Richard Serra One Ton Prop (House of Cards) 1969 (refabricated 1986)

  • Not on view

Richard Serra used the simplified geometric forms and industrial materials of Minimalism. This piece is made of lead antimony—lead combined with the alloy antimony to make it harder and stronger for commercial sheet metal, pipes, and castings. Serra first encountered the material as a young man working at steel mills and shipyards. Like a house of cards, One Ton Prop is formed by one edge of each sheet of lead leaning against the other.

Serra made One Ton Prop (House of Cards) by reacting to the verb “to prop.” In the early 1960s, Serra wrote something he called “Verb List,” hoping, he said, to “establish a series of conditions to enable me to work in an unanticipated manner and provoke the unexpected.” He subjected materials, including lead, rubber, and steel, to the different actions on this list. About One Ton Prop (House of Cards), Serra has said, “Even though it seemed it might collapse, it was in fact freestanding. You could see through it, look into it, walk around it, and I thought, ‘There’s no getting around it. This is sculpture.’”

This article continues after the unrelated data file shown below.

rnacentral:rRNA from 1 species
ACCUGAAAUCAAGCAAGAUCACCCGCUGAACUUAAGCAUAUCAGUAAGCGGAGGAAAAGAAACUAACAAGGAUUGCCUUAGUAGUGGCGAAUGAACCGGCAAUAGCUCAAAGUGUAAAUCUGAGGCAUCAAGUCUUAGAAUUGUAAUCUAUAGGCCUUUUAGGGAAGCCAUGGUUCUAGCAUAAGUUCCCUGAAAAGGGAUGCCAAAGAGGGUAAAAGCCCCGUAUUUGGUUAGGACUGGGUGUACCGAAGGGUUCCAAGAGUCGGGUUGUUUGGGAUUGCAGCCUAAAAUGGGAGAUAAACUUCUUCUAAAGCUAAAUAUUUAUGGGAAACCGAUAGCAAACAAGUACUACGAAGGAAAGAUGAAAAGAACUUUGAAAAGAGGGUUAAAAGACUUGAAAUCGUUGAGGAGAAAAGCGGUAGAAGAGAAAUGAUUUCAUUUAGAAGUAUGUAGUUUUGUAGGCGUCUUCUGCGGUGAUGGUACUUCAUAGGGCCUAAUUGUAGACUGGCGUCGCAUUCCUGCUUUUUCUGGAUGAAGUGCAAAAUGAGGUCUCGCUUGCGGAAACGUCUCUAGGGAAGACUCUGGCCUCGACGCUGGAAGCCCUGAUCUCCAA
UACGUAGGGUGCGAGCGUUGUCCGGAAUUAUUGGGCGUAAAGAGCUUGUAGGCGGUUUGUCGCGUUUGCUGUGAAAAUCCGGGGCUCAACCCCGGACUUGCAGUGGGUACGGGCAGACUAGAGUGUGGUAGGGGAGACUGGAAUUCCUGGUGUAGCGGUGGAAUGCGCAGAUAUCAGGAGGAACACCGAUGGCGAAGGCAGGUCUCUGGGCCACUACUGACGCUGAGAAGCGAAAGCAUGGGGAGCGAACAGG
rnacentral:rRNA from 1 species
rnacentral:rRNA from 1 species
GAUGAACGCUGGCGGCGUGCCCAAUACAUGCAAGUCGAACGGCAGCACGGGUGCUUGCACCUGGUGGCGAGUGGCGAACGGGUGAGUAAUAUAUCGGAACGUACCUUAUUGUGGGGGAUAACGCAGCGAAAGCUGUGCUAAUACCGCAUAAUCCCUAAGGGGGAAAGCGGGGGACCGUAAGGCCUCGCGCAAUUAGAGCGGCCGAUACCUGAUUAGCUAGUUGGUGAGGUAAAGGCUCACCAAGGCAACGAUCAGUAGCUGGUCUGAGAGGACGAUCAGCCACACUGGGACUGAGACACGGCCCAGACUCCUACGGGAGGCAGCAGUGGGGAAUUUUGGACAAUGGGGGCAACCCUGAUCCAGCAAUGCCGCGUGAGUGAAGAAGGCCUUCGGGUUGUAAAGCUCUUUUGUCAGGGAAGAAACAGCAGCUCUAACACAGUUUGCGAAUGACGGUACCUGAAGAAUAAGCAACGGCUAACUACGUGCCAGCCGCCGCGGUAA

Lead antimony, four plates
Each plate 48 x 48 x 1" (122 x 122 x 2.5 cm)
Gift of the Grinstein Family
Object number
© 2024 Richard Serra / Artists Rights Society (ARS), New York
Painting and Sculpture

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